January 06, 2016

Even more Anatolian Neolithic genomes

Recently I proclaimed the problem of "Neolithization of Europe" to be "done", but it doesn't hurt to have more confirmation as this new paper does. The Anatolian data is from a different site than those used by Mathieson et al. and Hofmanová, Kreutzer et al. albeit still in the extreme northwest of Asia Minor. Nonetheless, the individual from Kumtepe doesn't seem to carry any major surprises, so "Neolithization of Europe" remains "done".

Current Biology http://dx.doi.org/10.1016/j.cub.2015.12.019

Genomic Evidence Establishes Anatolia as the Source of the European Neolithic Gene Pool 

Ayça Omrak et al.

Anatolia and the Near East have long been recognized as the epicenter of the Neolithic expansion through archaeological evidence. Recent archaeogenetic studies on Neolithic European human remains have shown that the Neolithic expansion in Europe was driven westward and northward by migration from a supposed Near Eastern origin [ 1–5 ]. However, this expansion and the establishment of numerous culture complexes in the Aegean and Balkans did not occur until 8,500 before present (BP), over 2,000 years after the initial settlements in the Neolithic core area [ 6–9 ]. We present ancient genome-wide sequence data from 6,700-year-old human remains excavated from a Neolithic context in Kumtepe, located in northwestern Anatolia near the well-known (and younger) site Troy [ 10 ]. Kumtepe is one of the settlements that emerged around 7,000 BP, after the initial expansion wave brought Neolithic practices to Europe. We show that this individual displays genetic similarities to the early European Neolithic gene pool and modern-day Sardinians, as well as a genetic affinity to modern-day populations from the Near East and the Caucasus. Furthermore, modern-day Anatolians carry signatures of several admixture events from different populations that have diluted this early Neolithic farmer component, explaining why modern-day Sardinian populations, instead of modern-day Anatolian populations, are genetically more similar to the people that drove the Neolithic expansion into Europe. Anatolia’s central geographic location appears to have served as a connecting point, allowing a complex contact network with other areas of the Near East and Europe throughout, and after, the Neolithic.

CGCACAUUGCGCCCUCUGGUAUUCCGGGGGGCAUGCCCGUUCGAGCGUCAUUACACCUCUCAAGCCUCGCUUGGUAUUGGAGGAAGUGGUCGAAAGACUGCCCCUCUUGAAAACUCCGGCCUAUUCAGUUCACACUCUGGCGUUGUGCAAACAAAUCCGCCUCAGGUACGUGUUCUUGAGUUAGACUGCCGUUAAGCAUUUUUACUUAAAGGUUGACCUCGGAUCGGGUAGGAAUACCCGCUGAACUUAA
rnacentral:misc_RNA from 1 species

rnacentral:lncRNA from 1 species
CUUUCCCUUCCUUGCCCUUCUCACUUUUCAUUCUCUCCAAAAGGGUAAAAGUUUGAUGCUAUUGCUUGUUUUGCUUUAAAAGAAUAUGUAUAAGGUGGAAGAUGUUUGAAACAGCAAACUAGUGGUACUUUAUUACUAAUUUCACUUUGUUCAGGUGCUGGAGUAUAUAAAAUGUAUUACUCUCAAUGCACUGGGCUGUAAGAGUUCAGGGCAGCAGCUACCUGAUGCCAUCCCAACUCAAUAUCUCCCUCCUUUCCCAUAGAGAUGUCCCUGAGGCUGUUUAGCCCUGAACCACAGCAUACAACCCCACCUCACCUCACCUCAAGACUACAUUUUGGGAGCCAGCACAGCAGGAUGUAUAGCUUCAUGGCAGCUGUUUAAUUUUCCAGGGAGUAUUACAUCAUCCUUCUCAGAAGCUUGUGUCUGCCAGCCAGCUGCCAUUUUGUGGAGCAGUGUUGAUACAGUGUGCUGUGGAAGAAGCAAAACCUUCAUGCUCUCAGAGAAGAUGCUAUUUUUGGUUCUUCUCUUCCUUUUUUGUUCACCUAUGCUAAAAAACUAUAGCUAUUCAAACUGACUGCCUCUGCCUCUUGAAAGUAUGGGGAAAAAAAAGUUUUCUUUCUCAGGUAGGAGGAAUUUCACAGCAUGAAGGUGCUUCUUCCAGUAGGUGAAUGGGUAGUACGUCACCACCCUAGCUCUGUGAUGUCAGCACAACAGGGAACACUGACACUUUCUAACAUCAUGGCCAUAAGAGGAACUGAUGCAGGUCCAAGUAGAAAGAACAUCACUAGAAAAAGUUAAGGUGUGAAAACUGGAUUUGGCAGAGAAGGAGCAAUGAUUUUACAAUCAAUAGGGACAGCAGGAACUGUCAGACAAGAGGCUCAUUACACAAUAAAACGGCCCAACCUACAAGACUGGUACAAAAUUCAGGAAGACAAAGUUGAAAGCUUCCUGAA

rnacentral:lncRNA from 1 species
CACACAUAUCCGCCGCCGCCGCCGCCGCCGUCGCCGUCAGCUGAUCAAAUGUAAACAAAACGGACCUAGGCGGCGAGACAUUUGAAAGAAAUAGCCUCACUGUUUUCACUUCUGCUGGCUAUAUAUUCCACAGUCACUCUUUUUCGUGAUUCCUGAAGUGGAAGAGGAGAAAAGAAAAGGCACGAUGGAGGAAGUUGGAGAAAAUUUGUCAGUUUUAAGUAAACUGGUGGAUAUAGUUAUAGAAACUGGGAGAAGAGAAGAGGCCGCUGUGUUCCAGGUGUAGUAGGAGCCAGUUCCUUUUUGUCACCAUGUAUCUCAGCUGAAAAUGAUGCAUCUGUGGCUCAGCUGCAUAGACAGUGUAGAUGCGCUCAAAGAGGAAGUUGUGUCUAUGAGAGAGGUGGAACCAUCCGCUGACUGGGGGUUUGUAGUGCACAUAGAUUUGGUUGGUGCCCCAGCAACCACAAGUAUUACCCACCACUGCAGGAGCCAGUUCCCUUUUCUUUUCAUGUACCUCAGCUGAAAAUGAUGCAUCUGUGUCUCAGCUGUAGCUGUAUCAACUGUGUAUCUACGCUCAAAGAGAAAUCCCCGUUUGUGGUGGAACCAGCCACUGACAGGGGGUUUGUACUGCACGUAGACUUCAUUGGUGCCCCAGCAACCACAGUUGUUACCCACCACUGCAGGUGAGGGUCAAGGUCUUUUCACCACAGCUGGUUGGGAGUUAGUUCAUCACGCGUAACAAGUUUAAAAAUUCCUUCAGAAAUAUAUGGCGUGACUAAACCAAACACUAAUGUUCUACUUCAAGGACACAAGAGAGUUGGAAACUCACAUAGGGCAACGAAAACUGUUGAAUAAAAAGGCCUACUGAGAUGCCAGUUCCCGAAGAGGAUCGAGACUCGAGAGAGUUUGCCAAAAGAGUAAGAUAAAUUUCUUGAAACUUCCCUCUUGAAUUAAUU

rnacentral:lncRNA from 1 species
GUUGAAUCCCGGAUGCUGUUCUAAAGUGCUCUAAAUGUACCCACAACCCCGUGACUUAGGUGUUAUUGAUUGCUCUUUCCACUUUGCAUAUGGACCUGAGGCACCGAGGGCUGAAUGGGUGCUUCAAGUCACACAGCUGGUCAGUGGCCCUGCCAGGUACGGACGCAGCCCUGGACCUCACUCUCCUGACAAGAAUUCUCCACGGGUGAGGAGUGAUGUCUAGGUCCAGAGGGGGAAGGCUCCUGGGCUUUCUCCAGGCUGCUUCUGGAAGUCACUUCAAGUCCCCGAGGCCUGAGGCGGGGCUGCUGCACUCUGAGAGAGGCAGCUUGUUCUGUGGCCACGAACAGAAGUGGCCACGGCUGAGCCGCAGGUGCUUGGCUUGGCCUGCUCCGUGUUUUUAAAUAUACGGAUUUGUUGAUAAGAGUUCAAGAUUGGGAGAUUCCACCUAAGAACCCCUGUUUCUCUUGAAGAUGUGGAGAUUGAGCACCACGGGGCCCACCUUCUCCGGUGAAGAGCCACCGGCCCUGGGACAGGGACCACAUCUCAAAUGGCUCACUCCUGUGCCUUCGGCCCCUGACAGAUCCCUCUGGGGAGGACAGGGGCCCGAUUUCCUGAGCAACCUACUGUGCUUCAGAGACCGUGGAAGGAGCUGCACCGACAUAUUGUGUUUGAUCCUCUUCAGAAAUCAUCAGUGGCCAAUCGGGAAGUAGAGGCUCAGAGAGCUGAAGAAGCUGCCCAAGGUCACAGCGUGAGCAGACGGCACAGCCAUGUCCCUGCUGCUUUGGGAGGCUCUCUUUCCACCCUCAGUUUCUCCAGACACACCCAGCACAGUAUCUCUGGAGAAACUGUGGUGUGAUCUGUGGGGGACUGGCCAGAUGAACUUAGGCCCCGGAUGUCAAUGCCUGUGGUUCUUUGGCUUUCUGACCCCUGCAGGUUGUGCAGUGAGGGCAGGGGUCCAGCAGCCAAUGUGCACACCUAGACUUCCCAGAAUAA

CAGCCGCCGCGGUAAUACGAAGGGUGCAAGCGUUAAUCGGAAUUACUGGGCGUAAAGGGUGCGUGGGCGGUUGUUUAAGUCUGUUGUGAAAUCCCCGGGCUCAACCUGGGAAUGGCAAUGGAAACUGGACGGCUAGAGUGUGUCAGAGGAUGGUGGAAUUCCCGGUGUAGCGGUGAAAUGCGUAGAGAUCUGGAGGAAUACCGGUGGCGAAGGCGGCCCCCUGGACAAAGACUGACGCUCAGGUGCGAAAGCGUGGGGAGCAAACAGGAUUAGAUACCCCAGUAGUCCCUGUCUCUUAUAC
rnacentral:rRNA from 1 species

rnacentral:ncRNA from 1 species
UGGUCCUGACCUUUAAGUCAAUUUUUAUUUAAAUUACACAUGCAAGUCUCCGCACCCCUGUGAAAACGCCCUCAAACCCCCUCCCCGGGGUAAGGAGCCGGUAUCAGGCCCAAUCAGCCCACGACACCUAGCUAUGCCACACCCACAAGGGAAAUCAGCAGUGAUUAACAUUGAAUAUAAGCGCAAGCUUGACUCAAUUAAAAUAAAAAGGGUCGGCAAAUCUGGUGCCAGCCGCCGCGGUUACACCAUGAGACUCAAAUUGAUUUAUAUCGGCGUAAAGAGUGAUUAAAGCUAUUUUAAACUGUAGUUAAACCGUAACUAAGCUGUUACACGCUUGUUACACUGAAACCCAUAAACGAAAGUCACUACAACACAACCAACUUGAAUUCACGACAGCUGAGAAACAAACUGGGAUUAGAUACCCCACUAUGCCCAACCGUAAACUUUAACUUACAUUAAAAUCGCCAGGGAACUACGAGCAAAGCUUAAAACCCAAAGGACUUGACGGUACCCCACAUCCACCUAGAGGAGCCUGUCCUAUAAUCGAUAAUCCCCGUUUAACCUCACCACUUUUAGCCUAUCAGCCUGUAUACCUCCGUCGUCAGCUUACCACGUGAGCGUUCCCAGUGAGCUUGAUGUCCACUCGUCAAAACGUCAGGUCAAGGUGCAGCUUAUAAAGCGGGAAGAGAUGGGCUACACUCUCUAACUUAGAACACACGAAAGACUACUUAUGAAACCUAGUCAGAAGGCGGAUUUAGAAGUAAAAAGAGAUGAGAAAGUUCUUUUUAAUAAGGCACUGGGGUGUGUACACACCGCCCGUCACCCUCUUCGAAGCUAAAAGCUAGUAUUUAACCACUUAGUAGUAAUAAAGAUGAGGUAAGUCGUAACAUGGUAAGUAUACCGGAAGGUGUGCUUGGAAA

Andrew Lancaster said...

I still don't see how you can exclude the rest of the Levant from being a possible source. Do we really have enough data to do that?

batman said...


Moreover, we don't even know if the direction of movement, as of 8-10.000 years BP, were TO or FROM Anatolia.

The only thing clearified so far - with this an other genetic surveys - is that Anatolia and Trans-Caucsus have been melting-pots of various genetic identities, typical of Europe and western Asia.

The question still remains - wether the haplogroups found at Kumtepe had their origin in northern or western Eurasia, where paleolithic refugias are known to have survived the critical part of ice-time (Younger Dryas).

Alexandros said...

@Andrew Lancaster

The (north) Levant was undoubtedly the source of the first Neolithic farmers. Archaeology is quite clear on that. However, this does not mean that it is from there that the migration into Europe took place. Archaeogenetic evidence so far strongly suggests a route from western Anatolia, through Greece.

What remains to be answered is whether the first Neolithic farmers from the Near East (Levant and Cyprus in particular) were genetically identical to the Anatolian farmers. This would be theory number 1. Theory number 2 would be that the first Levantine farmers were genetically different from the Anatolian farmers and agriculture spread by cultural diffusion from the Levant to Anatolia. A third theory could be that Anatolian farmers are in fact a hybrid between Levantine farmers and a so far unknown Balkanic-type of HG. Let's what for the genomes..

Adrian Purcell Heathcote said...

Is it known what the Y dna was? I can't see the article.